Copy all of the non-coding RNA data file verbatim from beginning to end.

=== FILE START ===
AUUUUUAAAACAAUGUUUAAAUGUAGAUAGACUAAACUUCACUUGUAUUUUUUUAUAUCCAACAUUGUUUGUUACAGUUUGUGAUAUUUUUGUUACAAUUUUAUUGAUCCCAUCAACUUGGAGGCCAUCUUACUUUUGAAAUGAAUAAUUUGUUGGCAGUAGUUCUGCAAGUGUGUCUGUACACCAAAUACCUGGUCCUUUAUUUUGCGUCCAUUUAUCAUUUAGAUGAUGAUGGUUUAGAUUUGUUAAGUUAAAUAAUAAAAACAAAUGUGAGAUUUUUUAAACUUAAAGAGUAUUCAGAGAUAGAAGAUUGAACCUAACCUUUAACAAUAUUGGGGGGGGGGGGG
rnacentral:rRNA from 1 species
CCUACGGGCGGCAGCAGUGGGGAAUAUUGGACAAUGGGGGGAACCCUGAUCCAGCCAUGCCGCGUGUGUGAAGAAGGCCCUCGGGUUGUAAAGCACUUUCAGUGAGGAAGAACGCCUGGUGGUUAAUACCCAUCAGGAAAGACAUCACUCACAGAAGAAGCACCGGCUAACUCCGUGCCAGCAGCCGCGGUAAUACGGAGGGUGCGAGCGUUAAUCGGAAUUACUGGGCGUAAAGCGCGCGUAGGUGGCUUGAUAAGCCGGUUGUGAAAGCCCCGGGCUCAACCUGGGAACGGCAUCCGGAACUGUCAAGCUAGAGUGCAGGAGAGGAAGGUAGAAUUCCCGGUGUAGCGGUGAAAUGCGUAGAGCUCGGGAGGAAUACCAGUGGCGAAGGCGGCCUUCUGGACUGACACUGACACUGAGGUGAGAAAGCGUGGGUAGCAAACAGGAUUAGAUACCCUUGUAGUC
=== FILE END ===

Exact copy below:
AUUUUUAAAACAAUGUUUAAAUGUAGAUAGACUAAACUUCACUUGUAUUUUUUUAUAUCCAACAUUGUUUGUUACAGUUUGUGAUAUUUUUGUUACAAUUUUAUUGAUCCCAUCAACUUGGAGGCCAUCUUACUUUUGAAAUGAAUAAUUUGUUGGCAGUAGUUCUGCAAGUGUGUCUGUACACCAAAUACCUGGUCCUUUAUUUUGCGUCCAUUUAUCAUUUAGAUGAUGAUGGUUUAGAUUUGUUAAGUUAAAUAAUAAAAACAAAUGUGAGAUUUUUUAAACUUAAAGAGUAUUCAGAGAUAGAAGAUUGAACCUAACCUUUAACAAUAUUGGGGGGGGGGGGG
rnacentral:rRNA from 1 species
CCUACGGGCGGCAGCAGUGGGGAAUAUUGGACAAUGGGGGGAACCCUGAUCCAGCCAUGCCGCGUGUGUGAAGAAGGCCCUCGGGUUGUAAAGCACUUUCAGUGAGGAAGAACGCCUGGUGGUUAAUACCCAUCAGGAAAGACAUCACUCACAGAAGAAGCACCGGCUAACUCCGUGCCAGCAGCCGCGGUAAUACGGAGGGUGCGAGCGUUAAUCGGAAUUACUGGGCGUAAAGCGCGCGUAGGUGGCUUGAUAAGCCGGUUGUGAAAGCCCCGGGCUCAACCUGGGAACGGCAUCCGGAACUGUCAAGCUAGAGUGCAGGAGAGGAAGGUAGAAUUCCCGGUGUAGCGGUGAAAUGCGUAGAGCUCGGGAGGAAUACCAGUGGCGAAGGCGGCCUUCUGGACUGACACUGACACUGAGGUGAGAAAGCGUGGGUAGCAAACAGGAUUAGAUACCCUUGUAGUC